The glory still fills the room.
The sounds of floors and chairs creaking almost drowned out her softly spoken voice in the foyer she refers to as a living room. We all huddled around, listening, absorbing and quietly praying that the stories she spoke would become prophecies of things to come in our own lives. All this happened on a visit to 216 North Bonnie Brae Street in Los Angeles, California, on the eve of the 115th anniversary of the day when the glory fell on a small group of hungry believers seeking "the baptism" of the Holy Ghost—the famed Azusa Street Revival.
The voice we were listening to belonged to a saint known only as "Sister Sol." She lived in the Bonnie Brae House for about 15 years during the late 1980s and 1990s and currently oversees its preservation. While the house is technically designated by the city as a museum, Sister Sol whispered, "We say it is a house of prayer."
That very attitude and spirit of reverence and devotion have cultivated the atmosphere that permeates the Bonnie Brae House today. Pentecostal pioneer William Seymour would come to that house on an invitation to serve the people of Los Angeles and help bring the Pentecostal experience of being baptized in the Holy Spirit with the evidence of speaking in tongues.
The heavenly fire fell on April 9, 1906, when Seymour and a small group gathered and received the answer to their prayers. That heavenly fire burned brighter and brighter and drew crowds from around the world in hopes that they too would experience the "new Pentecost" God was pouring out on His people. The small home on Bonnie Brae proved inadequate to host the meetings, so the revival moved to a simple building located on Azusa Street in Los Angeles that gave the revival its name.
One could not easily exaggerate the impact of that move of God as the inception of the modern Pentecostal and missions movement. More than 27% of Christians around the world draw their roots from that simple prayer meeting at Bonnie Brae.
But Sister Sol isn't preoccupied with the past. She wants to share stories of what God is still doing, telling us of a heavenly fragrance that often fills the room and gold dust appearing on guests. Many of these guests are unbelievers, and she has been able to lead them in the sinner's prayer to accept Jesus because of these signs and wonders.
In the early days of the revival, reports say local residents saw the house engulfed in flames, reporting the blaze to the local fire department. Many who cherish revival history are familiar with the tale. Sister Sol was emphatic in saying, "The fire hasn't died out!" and goes on to say that in 2002, it happened again. A team from Argentina made the trek to Los Angeles and obtained permission to hold a prayer vigil through the night. Once again, flames were visible on the home, and fire trucks pulled up in haste to put out the fire. However, the only flames on the home however were the same as those that appeared on the disciples in Acts 2! When the firemen made their way into the home, they found no fire. Instead, they found an entire group of believers on their faces laboring in prayer under the glory of God.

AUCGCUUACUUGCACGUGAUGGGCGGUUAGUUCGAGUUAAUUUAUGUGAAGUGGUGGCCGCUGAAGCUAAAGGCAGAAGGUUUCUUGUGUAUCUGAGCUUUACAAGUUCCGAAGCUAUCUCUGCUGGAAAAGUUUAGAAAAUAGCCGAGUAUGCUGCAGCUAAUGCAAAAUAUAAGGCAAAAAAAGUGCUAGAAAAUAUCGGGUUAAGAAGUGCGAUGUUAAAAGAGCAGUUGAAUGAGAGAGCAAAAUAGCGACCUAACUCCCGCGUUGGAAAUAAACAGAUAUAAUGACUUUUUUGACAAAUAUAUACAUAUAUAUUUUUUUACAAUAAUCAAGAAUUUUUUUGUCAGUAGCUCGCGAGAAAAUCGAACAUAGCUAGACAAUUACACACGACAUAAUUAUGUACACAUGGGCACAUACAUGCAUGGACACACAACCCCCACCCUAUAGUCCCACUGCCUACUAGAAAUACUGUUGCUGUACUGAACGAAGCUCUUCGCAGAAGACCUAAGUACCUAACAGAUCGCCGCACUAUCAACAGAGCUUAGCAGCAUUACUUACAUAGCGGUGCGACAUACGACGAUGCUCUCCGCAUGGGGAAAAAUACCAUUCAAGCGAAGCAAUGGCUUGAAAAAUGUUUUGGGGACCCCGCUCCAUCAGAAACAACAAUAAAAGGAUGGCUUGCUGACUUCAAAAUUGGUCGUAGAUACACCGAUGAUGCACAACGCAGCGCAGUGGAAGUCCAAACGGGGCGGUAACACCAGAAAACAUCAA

The stories go on and on. Sister Sol tells of physical healings, deliverance from demons and even repentance of racism that has occurred in the house over the years.
"People come here to hear the stories. I say, encounter Jesus and get your own stories. It's not the house; it's His presence."
Her gently spoken words fell like hammers upon our small group and incited a new longing that we would experience our own "fresh baptism" in our day. As we recognize what God did in that simple home and simple prayer meeting 115 years ago, it stands as a reminder that the same power and same Spirit are available for us today.
If you manage to schedule a time for a personal tour of 219 North Bonnie Brae Street, Sister Sol will be happy to show you the original piano that was used for the prayer meetings. She will lead you through the small rooms and point out where people tarried in prayer. She will highlight which lamp was original and even let you see Kathryn Kuhlman's original pulpit, which the house obtained at one point in its history.
Beyond all this, what she will want you to see is that the house stands as a reminder. God is no respecter of persons. He will use a humble and sincere heart to shake nations. What we honor from yesterday is actually an invitation for today: God is desiring to pour out His Spirit on all people, and it's time for His people to say "yes" to His desire once again.
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